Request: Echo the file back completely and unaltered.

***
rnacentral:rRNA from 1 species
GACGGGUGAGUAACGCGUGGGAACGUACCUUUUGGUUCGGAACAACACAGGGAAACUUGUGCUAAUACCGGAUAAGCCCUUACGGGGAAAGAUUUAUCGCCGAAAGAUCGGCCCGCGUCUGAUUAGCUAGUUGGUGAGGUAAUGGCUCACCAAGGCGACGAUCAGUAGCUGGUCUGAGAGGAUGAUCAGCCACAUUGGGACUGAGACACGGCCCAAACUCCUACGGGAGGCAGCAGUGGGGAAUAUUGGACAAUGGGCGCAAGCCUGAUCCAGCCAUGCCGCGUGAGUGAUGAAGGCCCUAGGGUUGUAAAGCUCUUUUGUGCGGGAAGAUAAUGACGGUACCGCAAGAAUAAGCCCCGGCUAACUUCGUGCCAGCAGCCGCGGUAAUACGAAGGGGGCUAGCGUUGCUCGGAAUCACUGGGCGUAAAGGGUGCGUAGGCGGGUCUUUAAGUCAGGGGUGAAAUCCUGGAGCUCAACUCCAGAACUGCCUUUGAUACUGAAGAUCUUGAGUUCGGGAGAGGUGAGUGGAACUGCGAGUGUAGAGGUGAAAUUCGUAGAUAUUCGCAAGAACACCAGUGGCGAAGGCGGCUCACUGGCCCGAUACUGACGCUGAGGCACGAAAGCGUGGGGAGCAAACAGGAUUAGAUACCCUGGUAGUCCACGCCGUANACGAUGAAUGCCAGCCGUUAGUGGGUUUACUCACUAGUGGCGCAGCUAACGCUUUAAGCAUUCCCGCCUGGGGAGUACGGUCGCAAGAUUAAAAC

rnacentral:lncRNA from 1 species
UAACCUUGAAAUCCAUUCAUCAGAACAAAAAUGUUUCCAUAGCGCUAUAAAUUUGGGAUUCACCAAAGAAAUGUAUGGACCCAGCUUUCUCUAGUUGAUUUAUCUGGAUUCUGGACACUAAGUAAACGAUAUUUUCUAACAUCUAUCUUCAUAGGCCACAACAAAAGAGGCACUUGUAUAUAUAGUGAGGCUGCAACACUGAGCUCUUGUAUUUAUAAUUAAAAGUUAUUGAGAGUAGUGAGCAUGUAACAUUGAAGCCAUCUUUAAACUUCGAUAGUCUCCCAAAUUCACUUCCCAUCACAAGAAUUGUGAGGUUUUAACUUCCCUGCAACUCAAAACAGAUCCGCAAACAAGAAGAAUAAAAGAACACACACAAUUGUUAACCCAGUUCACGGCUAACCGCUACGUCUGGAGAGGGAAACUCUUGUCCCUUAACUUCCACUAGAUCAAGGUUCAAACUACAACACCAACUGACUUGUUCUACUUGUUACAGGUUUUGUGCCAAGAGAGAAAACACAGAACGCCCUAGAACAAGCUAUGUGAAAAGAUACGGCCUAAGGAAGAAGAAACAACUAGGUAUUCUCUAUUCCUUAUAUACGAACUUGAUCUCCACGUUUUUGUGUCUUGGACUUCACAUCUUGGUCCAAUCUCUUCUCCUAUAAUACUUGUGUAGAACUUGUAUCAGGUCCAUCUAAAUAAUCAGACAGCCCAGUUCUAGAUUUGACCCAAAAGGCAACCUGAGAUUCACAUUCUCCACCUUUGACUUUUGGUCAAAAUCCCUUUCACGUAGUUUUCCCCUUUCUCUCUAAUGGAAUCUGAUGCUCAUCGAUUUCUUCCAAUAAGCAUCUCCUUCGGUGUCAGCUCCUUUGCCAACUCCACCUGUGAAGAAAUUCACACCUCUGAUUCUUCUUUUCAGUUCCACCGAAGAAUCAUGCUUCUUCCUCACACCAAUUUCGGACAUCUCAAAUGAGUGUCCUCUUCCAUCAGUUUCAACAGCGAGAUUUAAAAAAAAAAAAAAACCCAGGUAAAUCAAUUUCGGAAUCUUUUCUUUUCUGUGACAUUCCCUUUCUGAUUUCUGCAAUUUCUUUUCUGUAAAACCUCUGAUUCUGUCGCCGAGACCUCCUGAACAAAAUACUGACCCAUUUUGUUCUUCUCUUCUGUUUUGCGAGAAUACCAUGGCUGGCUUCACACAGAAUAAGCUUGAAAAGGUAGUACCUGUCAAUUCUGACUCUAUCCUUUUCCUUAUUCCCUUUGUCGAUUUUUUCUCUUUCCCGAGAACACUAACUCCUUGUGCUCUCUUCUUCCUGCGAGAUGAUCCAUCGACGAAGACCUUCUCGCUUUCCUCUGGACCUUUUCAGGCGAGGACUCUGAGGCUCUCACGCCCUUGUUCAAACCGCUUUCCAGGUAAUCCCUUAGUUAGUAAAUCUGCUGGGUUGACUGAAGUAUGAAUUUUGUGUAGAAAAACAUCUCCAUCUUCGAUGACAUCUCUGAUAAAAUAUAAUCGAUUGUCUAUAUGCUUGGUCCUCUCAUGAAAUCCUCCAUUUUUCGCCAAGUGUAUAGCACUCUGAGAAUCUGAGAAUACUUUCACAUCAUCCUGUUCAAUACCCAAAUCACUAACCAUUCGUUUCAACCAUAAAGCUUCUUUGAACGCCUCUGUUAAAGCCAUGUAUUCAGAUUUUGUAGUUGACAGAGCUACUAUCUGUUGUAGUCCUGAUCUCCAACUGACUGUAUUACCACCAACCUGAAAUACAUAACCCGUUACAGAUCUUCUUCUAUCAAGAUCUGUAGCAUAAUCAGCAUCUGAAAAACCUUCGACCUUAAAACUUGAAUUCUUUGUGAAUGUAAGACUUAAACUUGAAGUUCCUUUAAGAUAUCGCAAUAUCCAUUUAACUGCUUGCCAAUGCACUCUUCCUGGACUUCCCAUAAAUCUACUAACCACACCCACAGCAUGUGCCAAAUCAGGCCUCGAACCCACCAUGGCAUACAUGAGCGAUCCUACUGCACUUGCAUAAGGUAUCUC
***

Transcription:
rnacentral:rRNA from 1 species
GACGGGUGAGUAACGCGUGGGAACGUACCUUUUGGUUCGGAACAACACAGGGAAACUUGUGCUAAUACCGGAUAAGCCCUUACGGGGAAAGAUUUAUCGCCGAAAGAUCGGCCCGCGUCUGAUUAGCUAGUUGGUGAGGUAAUGGCUCACCAAGGCGACGAUCAGUAGCUGGUCUGAGAGGAUGAUCAGCCACAUUGGGACUGAGACACGGCCCAAACUCCUACGGGAGGCAGCAGUGGGGAAUAUUGGACAAUGGGCGCAAGCCUGAUCCAGCCAUGCCGCGUGAGUGAUGAAGGCCCUAGGGUUGUAAAGCUCUUUUGUGCGGGAAGAUAAUGACGGUACCGCAAGAAUAAGCCCCGGCUAACUUCGUGCCAGCAGCCGCGGUAAUACGAAGGGGGCUAGCGUUGCUCGGAAUCACUGGGCGUAAAGGGUGCGUAGGCGGGUCUUUAAGUCAGGGGUGAAAUCCUGGAGCUCAACUCCAGAACUGCCUUUGAUACUGAAGAUCUUGAGUUCGGGAGAGGUGAGUGGAACUGCGAGUGUAGAGGUGAAAUUCGUAGAUAUUCGCAAGAACACCAGUGGCGAAGGCGGCUCACUGGCCCGAUACUGACGCUGAGGCACGAAAGCGUGGGGAGCAAACAGGAUUAGAUACCCUGGUAGUCCACGCCGUANACGAUGAAUGCCAGCCGUUAGUGGGUUUACUCACUAGUGGCGCAGCUAACGCUUUAAGCAUUCCCGCCUGGGGAGUACGGUCGCAAGAUUAAAAC

rnacentral:lncRNA from 1 species
UAACCUUGAAAUCCAUUCAUCAGAACAAAAAUGUUUCCAUAGCGCUAUAAAUUUGGGAUUCACCAAAGAAAUGUAUGGACCCAGCUUUCUCUAGUUGAUUUAUCUGGAUUCUGGACACUAAGUAAACGAUAUUUUCUAACAUCUAUCUUCAUAGGCCACAACAAAAGAGGCACUUGUAUAUAUAGUGAGGCUGCAACACUGAGCUCUUGUAUUUAUAAUUAAAAGUUAUUGAGAGUAGUGAGCAUGUAACAUUGAAGCCAUCUUUAAACUUCGAUAGUCUCCCAAAUUCACUUCCCAUCACAAGAAUUGUGAGGUUUUAACUUCCCUGCAACUCAAAACAGAUCCGCAAACAAGAAGAAUAAAAGAACACACACAAUUGUUAACCCAGUUCACGGCUAACCGCUACGUCUGGAGAGGGAAACUCUUGUCCCUUAACUUCCACUAGAUCAAGGUUCAAACUACAACACCAACUGACUUGUUCUACUUGUUACAGGUUUUGUGCCAAGAGAGAAAACACAGAACGCCCUAGAACAAGCUAUGUGAAAAGAUACGGCCUAAGGAAGAAGAAACAACUAGGUAUUCUCUAUUCCUUAUAUACGAACUUGAUCUCCACGUUUUUGUGUCUUGGACUUCACAUCUUGGUCCAAUCUCUUCUCCUAUAAUACUUGUGUAGAACUUGUAUCAGGUCCAUCUAAAUAAUCAGACAGCCCAGUUCUAGAUUUGACCCAAAAGGCAACCUGAGAUUCACAUUCUCCACCUUUGACUUUUGGUCAAAAUCCCUUUCACGUAGUUUUCCCCUUUCUCUCUAAUGGAAUCUGAUGCUCAUCGAUUUCUUCCAAUAAGCAUCUCCUUCGGUGUCAGCUCCUUUGCCAACUCCACCUGUGAAGAAAUUCACACCUCUGAUUCUUCUUUUCAGUUCCACCGAAGAAUCAUGCUUCUUCCUCACACCAAUUUCGGACAUCUCAAAUGAGUGUCCUCUUCCAUCAGUUUCAACAGCGAGAUUUAAAAAAAAAAAAAAACCCAGGUAAAUCAAUUUCGGAAUCUUUUCUUUUCUGUGACAUUCCCUUUCUGAUUUCUGCAAUUUCUUUUCUGUAAAACCUCUGAUUCUGUCGCCGAGACCUCCUGAACAAAAUACUGACCCAUUUUGUUCUUCUCUUCUGUUUUGCGAGAAUACCAUGGCUGGCUUCACACAGAAUAAGCUUGAAAAGGUAGUACCUGUCAAUUCUGACUCUAUCCUUUUCCUUAUUCCCUUUGUCGAUUUUUUCUCUUUCCCGAGAACACUAACUCCUUGUGCUCUCUUCUUCCUGCGAGAUGAUCCAUCGACGAAGACCUUCUCGCUUUCCUCUGGACCUUUUCAGGCGAGGACUCUGAGGCUCUCACGCCCUUGUUCAAACCGCUUUCCAGGUAAUCCCUUAGUUAGUAAAUCUGCUGGGUUGACUGAAGUAUGAAUUUUGUGUAGAAAAACAUCUCCAUCUUCGAUGACAUCUCUGAUAAAAUAUAAUCGAUUGUCUAUAUGCUUGGUCCUCUCAUGAAAUCCUCCAUUUUUCGCCAAGUGUAUAGCACUCUGAGAAUCUGAGAAUACUUUCACAUCAUCCUGUUCAAUACCCAAAUCACUAACCAUUCGUUUCAACCAUAAAGCUUCUUUGAACGCCUCUGUUAAAGCCAUGUAUUCAGAUUUUGUAGUUGACAGAGCUACUAUCUGUUGUAGUCCUGAUCUCCAACUGACUGUAUUACCACCAACCUGAAAUACAUAACCCGUUACAGAUCUUCUUCUAUCAAGAUCUGUAGCAUAAUCAGCAUCUGAAAAACCUUCGACCUUAAAACUUGAAUUCUUUGUGAAUGUAAGACUUAAACUUGAAGUUCCUUUAAGAUAUCGCAAUAUCCAUUUAACUGCUUGCCAAUGCACUCUUCCUGGACUUCCCAUAAAUCUACUAACCACACCCACAGCAUGUGCCAAAUCAGGCCUCGAACCCACCAUGGCAUACAUGAGCGAUCCUACUGCACUUGCAUAAGGUAUCUC